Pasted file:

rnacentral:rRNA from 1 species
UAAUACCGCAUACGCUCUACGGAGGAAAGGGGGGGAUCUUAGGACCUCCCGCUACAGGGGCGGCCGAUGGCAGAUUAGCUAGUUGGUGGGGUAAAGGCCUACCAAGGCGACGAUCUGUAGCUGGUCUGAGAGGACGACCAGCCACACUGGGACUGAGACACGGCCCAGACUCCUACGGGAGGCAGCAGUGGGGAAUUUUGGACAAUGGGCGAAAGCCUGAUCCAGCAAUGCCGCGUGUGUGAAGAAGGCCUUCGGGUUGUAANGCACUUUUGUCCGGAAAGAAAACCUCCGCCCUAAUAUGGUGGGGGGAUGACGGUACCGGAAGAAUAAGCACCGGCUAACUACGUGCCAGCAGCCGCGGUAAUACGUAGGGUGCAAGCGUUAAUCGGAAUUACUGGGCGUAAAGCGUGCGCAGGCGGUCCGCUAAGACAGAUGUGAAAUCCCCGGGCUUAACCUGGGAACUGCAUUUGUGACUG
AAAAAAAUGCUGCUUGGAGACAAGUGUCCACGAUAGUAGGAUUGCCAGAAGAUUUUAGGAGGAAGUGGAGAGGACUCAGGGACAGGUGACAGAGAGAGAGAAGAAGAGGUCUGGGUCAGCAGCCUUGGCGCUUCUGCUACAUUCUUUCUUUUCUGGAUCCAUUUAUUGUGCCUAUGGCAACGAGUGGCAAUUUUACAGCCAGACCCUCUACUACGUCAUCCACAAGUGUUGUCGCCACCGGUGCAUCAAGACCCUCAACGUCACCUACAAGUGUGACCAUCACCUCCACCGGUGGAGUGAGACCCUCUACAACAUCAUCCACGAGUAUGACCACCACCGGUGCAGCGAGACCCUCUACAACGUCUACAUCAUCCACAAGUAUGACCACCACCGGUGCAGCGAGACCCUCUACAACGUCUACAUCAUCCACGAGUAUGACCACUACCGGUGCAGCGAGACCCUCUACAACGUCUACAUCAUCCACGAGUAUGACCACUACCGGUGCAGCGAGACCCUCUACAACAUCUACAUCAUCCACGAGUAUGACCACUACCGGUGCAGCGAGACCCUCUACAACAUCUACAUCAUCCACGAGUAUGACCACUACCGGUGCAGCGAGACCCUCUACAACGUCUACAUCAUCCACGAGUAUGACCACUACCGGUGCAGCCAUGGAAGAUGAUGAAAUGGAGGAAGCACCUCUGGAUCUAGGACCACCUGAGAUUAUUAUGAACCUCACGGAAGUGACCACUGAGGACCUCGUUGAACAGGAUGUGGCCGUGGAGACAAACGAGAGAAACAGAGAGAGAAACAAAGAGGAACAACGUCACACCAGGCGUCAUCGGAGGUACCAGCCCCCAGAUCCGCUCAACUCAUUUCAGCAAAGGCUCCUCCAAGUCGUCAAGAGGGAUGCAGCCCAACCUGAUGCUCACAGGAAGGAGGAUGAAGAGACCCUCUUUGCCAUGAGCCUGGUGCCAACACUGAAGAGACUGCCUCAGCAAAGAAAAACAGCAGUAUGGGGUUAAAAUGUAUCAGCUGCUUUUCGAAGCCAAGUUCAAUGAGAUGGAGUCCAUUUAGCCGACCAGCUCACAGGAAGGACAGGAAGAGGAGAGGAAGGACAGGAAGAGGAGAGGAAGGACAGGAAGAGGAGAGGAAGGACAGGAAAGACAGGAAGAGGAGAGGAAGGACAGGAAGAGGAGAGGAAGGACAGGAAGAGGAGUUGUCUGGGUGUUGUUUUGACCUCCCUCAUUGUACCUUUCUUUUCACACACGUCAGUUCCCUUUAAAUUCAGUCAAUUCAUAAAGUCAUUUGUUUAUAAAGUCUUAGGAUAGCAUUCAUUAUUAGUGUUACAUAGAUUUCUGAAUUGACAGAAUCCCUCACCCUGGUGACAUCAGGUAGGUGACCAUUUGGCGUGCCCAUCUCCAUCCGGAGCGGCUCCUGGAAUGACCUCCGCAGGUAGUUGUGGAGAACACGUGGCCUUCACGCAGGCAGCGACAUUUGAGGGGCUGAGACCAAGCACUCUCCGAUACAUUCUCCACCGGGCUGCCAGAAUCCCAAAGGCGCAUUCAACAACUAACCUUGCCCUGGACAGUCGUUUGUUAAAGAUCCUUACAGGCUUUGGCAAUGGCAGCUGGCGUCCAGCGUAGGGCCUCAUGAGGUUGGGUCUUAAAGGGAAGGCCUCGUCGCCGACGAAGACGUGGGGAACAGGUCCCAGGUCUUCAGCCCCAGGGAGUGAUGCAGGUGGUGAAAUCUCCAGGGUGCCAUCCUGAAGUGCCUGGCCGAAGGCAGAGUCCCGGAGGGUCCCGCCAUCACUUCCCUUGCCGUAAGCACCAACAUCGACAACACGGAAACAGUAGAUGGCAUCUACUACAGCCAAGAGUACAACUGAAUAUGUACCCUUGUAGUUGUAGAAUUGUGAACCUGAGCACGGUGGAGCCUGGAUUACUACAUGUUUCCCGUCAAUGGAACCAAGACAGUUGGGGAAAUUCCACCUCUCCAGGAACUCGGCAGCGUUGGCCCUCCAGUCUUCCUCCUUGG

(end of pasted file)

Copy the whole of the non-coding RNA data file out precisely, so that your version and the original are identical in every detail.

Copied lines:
rnacentral:rRNA from 1 species
UAAUACCGCAUACGCUCUACGGAGGAAAGGGGGGGAUCUUAGGACCUCCCGCUACAGGGGCGGCCGAUGGCAGAUUAGCUAGUUGGUGGGGUAAAGGCCUACCAAGGCGACGAUCUGUAGCUGGUCUGAGAGGACGACCAGCCACACUGGGACUGAGACACGGCCCAGACUCCUACGGGAGGCAGCAGUGGGGAAUUUUGGACAAUGGGCGAAAGCCUGAUCCAGCAAUGCCGCGUGUGUGAAGAAGGCCUUCGGGUUGUAANGCACUUUUGUCCGGAAAGAAAACCUCCGCCCUAAUAUGGUGGGGGGAUGACGGUACCGGAAGAAUAAGCACCGGCUAACUACGUGCCAGCAGCCGCGGUAAUACGUAGGGUGCAAGCGUUAAUCGGAAUUACUGGGCGUAAAGCGUGCGCAGGCGGUCCGCUAAGACAGAUGUGAAAUCCCCGGGCUUAACCUGGGAACUGCAUUUGUGACUG
AAAAAAAUGCUGCUUGGAGACAAGUGUCCACGAUAGUAGGAUUGCCAGAAGAUUUUAGGAGGAAGUGGAGAGGACUCAGGGACAGGUGACAGAGAGAGAGAAGAAGAGGUCUGGGUCAGCAGCCUUGGCGCUUCUGCUACAUUCUUUCUUUUCUGGAUCCAUUUAUUGUGCCUAUGGCAACGAGUGGCAAUUUUACAGCCAGACCCUCUACUACGUCAUCCACAAGUGUUGUCGCCACCGGUGCAUCAAGACCCUCAACGUCACCUACAAGUGUGACCAUCACCUCCACCGGUGGAGUGAGACCCUCUACAACAUCAUCCACGAGUAUGACCACCACCGGUGCAGCGAGACCCUCUACAACGUCUACAUCAUCCACAAGUAUGACCACCACCGGUGCAGCGAGACCCUCUACAACGUCUACAUCAUCCACGAGUAUGACCACUACCGGUGCAGCGAGACCCUCUACAACGUCUACAUCAUCCACGAGUAUGACCACUACCGGUGCAGCGAGACCCUCUACAACAUCUACAUCAUCCACGAGUAUGACCACUACCGGUGCAGCGAGACCCUCUACAACAUCUACAUCAUCCACGAGUAUGACCACUACCGGUGCAGCGAGACCCUCUACAACGUCUACAUCAUCCACGAGUAUGACCACUACCGGUGCAGCCAUGGAAGAUGAUGAAAUGGAGGAAGCACCUCUGGAUCUAGGACCACCUGAGAUUAUUAUGAACCUCACGGAAGUGACCACUGAGGACCUCGUUGAACAGGAUGUGGCCGUGGAGACAAACGAGAGAAACAGAGAGAGAAACAAAGAGGAACAACGUCACACCAGGCGUCAUCGGAGGUACCAGCCCCCAGAUCCGCUCAACUCAUUUCAGCAAAGGCUCCUCCAAGUCGUCAAGAGGGAUGCAGCCCAACCUGAUGCUCACAGGAAGGAGGAUGAAGAGACCCUCUUUGCCAUGAGCCUGGUGCCAACACUGAAGAGACUGCCUCAGCAAAGAAAAACAGCAGUAUGGGGUUAAAAUGUAUCAGCUGCUUUUCGAAGCCAAGUUCAAUGAGAUGGAGUCCAUUUAGCCGACCAGCUCACAGGAAGGACAGGAAGAGGAGAGGAAGGACAGGAAGAGGAGAGGAAGGACAGGAAGAGGAGAGGAAGGACAGGAAAGACAGGAAGAGGAGAGGAAGGACAGGAAGAGGAGAGGAAGGACAGGAAGAGGAGUUGUCUGGGUGUUGUUUUGACCUCCCUCAUUGUACCUUUCUUUUCACACACGUCAGUUCCCUUUAAAUUCAGUCAAUUCAUAAAGUCAUUUGUUUAUAAAGUCUUAGGAUAGCAUUCAUUAUUAGUGUUACAUAGAUUUCUGAAUUGACAGAAUCCCUCACCCUGGUGACAUCAGGUAGGUGACCAUUUGGCGUGCCCAUCUCCAUCCGGAGCGGCUCCUGGAAUGACCUCCGCAGGUAGUUGUGGAGAACACGUGGCCUUCACGCAGGCAGCGACAUUUGAGGGGCUGAGACCAAGCACUCUCCGAUACAUUCUCCACCGGGCUGCCAGAAUCCCAAAGGCGCAUUCAACAACUAACCUUGCCCUGGACAGUCGUUUGUUAAAGAUCCUUACAGGCUUUGGCAAUGGCAGCUGGCGUCCAGCGUAGGGCCUCAUGAGGUUGGGUCUUAAAGGGAAGGCCUCGUCGCCGACGAAGACGUGGGGAACAGGUCCCAGGUCUUCAGCCCCAGGGAGUGAUGCAGGUGGUGAAAUCUCCAGGGUGCCAUCCUGAAGUGCCUGGCCGAAGGCAGAGUCCCGGAGGGUCCCGCCAUCACUUCCCUUGCCGUAAGCACCAACAUCGACAACACGGAAACAGUAGAUGGCAUCUACUACAGCCAAGAGUACAACUGAAUAUGUACCCUUGUAGUUGUAGAAUUGUGAACCUGAGCACGGUGGAGCCUGGAUUACUACAUGUUUCCCGUCAAUGGAACCAAGACAGUUGGGGAAAUUCCACCUCUCCAGGAACUCGGCAGCGUUGGCCCUCCAGUCUUCCUCCUUGG